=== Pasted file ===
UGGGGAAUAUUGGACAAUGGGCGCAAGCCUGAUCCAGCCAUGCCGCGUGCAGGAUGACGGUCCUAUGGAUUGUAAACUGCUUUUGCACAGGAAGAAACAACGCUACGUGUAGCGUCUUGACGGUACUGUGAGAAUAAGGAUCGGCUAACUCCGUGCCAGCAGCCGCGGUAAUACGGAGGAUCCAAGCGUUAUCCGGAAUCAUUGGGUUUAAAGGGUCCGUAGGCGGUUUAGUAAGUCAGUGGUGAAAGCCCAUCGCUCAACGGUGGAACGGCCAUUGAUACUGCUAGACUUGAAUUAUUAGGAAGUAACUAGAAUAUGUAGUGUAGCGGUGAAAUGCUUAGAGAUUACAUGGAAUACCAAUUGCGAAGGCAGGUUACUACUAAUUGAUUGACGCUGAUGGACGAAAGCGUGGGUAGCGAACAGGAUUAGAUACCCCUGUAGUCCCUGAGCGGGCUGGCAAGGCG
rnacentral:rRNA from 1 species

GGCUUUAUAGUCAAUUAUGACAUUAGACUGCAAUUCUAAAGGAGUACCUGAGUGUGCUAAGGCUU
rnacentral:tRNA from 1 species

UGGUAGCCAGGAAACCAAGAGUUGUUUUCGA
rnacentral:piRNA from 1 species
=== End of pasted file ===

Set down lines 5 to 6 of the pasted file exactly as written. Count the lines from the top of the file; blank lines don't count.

UGGUAGCCAGGAAACCAAGAGUUGUUUUCGA
rnacentral:piRNA from 1 species